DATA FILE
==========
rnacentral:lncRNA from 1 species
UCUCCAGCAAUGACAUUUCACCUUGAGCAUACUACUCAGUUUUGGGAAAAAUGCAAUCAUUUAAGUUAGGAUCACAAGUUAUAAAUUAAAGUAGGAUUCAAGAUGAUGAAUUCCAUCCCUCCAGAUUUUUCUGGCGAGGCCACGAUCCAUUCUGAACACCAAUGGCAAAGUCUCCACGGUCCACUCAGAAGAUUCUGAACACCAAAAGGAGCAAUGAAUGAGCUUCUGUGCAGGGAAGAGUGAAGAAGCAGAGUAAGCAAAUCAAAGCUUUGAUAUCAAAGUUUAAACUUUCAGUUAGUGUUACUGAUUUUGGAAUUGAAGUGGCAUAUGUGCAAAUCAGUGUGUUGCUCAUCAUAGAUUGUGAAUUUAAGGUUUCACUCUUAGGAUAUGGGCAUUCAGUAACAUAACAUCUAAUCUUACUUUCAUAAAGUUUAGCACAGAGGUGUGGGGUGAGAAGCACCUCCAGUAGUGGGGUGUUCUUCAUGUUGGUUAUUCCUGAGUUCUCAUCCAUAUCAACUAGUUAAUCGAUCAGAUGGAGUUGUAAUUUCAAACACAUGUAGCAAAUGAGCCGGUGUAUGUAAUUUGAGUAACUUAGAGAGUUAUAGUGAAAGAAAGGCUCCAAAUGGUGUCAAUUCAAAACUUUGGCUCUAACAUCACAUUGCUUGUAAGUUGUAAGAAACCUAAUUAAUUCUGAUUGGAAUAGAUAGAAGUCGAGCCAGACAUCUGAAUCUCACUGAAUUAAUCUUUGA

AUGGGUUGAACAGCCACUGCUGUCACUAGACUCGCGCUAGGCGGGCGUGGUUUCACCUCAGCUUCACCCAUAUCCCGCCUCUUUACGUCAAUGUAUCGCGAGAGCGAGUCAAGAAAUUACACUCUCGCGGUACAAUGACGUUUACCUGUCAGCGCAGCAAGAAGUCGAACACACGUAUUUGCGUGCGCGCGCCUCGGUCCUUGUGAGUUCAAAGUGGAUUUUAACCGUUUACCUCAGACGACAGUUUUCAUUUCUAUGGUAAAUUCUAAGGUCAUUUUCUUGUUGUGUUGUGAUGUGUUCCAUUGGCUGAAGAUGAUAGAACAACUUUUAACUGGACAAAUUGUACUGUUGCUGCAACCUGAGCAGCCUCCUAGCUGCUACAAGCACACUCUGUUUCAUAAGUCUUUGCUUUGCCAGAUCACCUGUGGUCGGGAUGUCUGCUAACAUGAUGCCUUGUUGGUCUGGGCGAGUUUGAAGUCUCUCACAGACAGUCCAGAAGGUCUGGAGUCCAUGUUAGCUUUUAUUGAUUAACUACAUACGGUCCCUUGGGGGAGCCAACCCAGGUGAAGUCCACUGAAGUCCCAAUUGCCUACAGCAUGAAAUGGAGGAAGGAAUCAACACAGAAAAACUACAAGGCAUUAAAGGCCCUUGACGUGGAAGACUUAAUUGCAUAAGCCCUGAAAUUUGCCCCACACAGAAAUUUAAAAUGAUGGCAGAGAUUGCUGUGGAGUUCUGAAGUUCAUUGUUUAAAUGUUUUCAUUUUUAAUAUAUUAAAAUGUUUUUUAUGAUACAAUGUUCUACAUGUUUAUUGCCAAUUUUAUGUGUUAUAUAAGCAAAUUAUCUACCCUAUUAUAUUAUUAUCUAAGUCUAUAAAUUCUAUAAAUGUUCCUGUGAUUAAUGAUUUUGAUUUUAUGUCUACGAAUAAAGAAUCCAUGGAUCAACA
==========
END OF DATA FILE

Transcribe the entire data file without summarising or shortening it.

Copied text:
rnacentral:lncRNA from 1 species
UCUCCAGCAAUGACAUUUCACCUUGAGCAUACUACUCAGUUUUGGGAAAAAUGCAAUCAUUUAAGUUAGGAUCACAAGUUAUAAAUUAAAGUAGGAUUCAAGAUGAUGAAUUCCAUCCCUCCAGAUUUUUCUGGCGAGGCCACGAUCCAUUCUGAACACCAAUGGCAAAGUCUCCACGGUCCACUCAGAAGAUUCUGAACACCAAAAGGAGCAAUGAAUGAGCUUCUGUGCAGGGAAGAGUGAAGAAGCAGAGUAAGCAAAUCAAAGCUUUGAUAUCAAAGUUUAAACUUUCAGUUAGUGUUACUGAUUUUGGAAUUGAAGUGGCAUAUGUGCAAAUCAGUGUGUUGCUCAUCAUAGAUUGUGAAUUUAAGGUUUCACUCUUAGGAUAUGGGCAUUCAGUAACAUAACAUCUAAUCUUACUUUCAUAAAGUUUAGCACAGAGGUGUGGGGUGAGAAGCACCUCCAGUAGUGGGGUGUUCUUCAUGUUGGUUAUUCCUGAGUUCUCAUCCAUAUCAACUAGUUAAUCGAUCAGAUGGAGUUGUAAUUUCAAACACAUGUAGCAAAUGAGCCGGUGUAUGUAAUUUGAGUAACUUAGAGAGUUAUAGUGAAAGAAAGGCUCCAAAUGGUGUCAAUUCAAAACUUUGGCUCUAACAUCACAUUGCUUGUAAGUUGUAAGAAACCUAAUUAAUUCUGAUUGGAAUAGAUAGAAGUCGAGCCAGACAUCUGAAUCUCACUGAAUUAAUCUUUGA

AUGGGUUGAACAGCCACUGCUGUCACUAGACUCGCGCUAGGCGGGCGUGGUUUCACCUCAGCUUCACCCAUAUCCCGCCUCUUUACGUCAAUGUAUCGCGAGAGCGAGUCAAGAAAUUACACUCUCGCGGUACAAUGACGUUUACCUGUCAGCGCAGCAAGAAGUCGAACACACGUAUUUGCGUGCGCGCGCCUCGGUCCUUGUGAGUUCAAAGUGGAUUUUAACCGUUUACCUCAGACGACAGUUUUCAUUUCUAUGGUAAAUUCUAAGGUCAUUUUCUUGUUGUGUUGUGAUGUGUUCCAUUGGCUGAAGAUGAUAGAACAACUUUUAACUGGACAAAUUGUACUGUUGCUGCAACCUGAGCAGCCUCCUAGCUGCUACAAGCACACUCUGUUUCAUAAGUCUUUGCUUUGCCAGAUCACCUGUGGUCGGGAUGUCUGCUAACAUGAUGCCUUGUUGGUCUGGGCGAGUUUGAAGUCUCUCACAGACAGUCCAGAAGGUCUGGAGUCCAUGUUAGCUUUUAUUGAUUAACUACAUACGGUCCCUUGGGGGAGCCAACCCAGGUGAAGUCCACUGAAGUCCCAAUUGCCUACAGCAUGAAAUGGAGGAAGGAAUCAACACAGAAAAACUACAAGGCAUUAAAGGCCCUUGACGUGGAAGACUUAAUUGCAUAAGCCCUGAAAUUUGCCCCACACAGAAAUUUAAAAUGAUGGCAGAGAUUGCUGUGGAGUUCUGAAGUUCAUUGUUUAAAUGUUUUCAUUUUUAAUAUAUUAAAAUGUUUUUUAUGAUACAAUGUUCUACAUGUUUAUUGCCAAUUUUAUGUGUUAUAUAAGCAAAUUAUCUACCCUAUUAUAUUAUUAUCUAAGUCUAUAAAUUCUAUAAAUGUUCCUGUGAUUAAUGAUUUUGAUUUUAUGUCUACGAAUAAAGAAUCCAUGGAUCAACA